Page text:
Virtual idol

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Base Info
Term Virtual idol
Origin Japan
Related Articles Idol, Net idol, VTuber

A virtual idol (バーチャルアイドル) is a general term for a virtual character/image that is created by means of CGI, and does activities similar to those of real-life idols, whether in the real or virtual world. The term has had different meanings through the eras.


Virtual idols, which are made through illustrations, music, animation, computer-generated imagery, among other things, imitate real idols in virtual acting activities through virtual environments such as the internet or in the real world, but they themselves don't exist in physical form. Due to the nature of being both a fictional character and an idol, not only can their creator or copyright holder produce albums, music videos, or photobooks, in the vein of traditional idols, the character is also shaped through games, animation, and interviews with the creator. In other cases, doujin created by fans has the potential to counteract the enrichment of the character, and enhance the interactivity between the fan and the character.

Term history and development

The term "virtual idol" was coined in Japan in the 1990s, but there have been similar characters that fit that concept before. Lynn Minmay from Macross was the representative "virtual idol" of this period: the songs from the anime were released in an idol album under her name, and entered the Oricon charts. These characters, which were conceived before the concept, were generally referred to as "precursor virtual idols".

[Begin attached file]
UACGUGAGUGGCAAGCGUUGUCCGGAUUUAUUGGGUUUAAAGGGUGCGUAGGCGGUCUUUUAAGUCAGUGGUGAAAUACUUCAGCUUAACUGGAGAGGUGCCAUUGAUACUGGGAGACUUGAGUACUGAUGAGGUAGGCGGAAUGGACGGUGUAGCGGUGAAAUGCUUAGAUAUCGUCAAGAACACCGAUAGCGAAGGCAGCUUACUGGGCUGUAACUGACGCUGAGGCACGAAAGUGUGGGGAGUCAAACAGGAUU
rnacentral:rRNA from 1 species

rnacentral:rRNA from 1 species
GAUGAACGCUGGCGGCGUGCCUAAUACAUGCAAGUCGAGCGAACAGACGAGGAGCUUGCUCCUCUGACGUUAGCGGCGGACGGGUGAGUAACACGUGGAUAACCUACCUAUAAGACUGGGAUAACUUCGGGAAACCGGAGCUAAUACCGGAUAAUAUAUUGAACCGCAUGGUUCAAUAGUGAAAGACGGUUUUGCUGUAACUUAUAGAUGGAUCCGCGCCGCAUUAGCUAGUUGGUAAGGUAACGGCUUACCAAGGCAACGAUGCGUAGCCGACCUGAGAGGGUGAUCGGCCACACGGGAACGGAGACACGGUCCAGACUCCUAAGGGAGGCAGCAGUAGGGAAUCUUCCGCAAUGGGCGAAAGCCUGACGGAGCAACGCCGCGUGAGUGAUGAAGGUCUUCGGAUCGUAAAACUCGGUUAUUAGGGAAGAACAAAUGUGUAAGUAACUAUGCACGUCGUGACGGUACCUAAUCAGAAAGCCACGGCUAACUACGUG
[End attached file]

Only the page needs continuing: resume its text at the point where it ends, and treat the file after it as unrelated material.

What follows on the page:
With the development of technology, virtual idols continued to evolve into various forms, the interactivity also became stronger, and the definition of the term was also updated: from virtual idols based on 3DCG imagery, virtual idols based on web activities, virtual idols from games, all the way to idols based on music production software. Hatsune Miku was the first virtual idol to hold a concert using holographic projection technology, and concerts were held in many countries.

Among them, technological progress was important for the creation and development of virtual idols, such as 3D modeling, voice synthesis and holographic imagery. All these provide the necessary material conditions for building virtual idols. In addition, the development of the nijigen culture also provides a broad market for virtual idols. Some media believe that the popularity of virtual idols is because they are not "problematic", don't get involved in any scandal, and satisfy a person's sentiment of perfection.

Other meanings

On an idol character project based on voice actors, the characters themselves are fictional, but because the voice actors behind them became an important medium of interaction, it was questioned whether these characters could be counted as virtual idols. Regardless of the outcome of the debate, these projects are often described using "idol seiyuu" or other terms, instead of "virtual idol".[citation needed]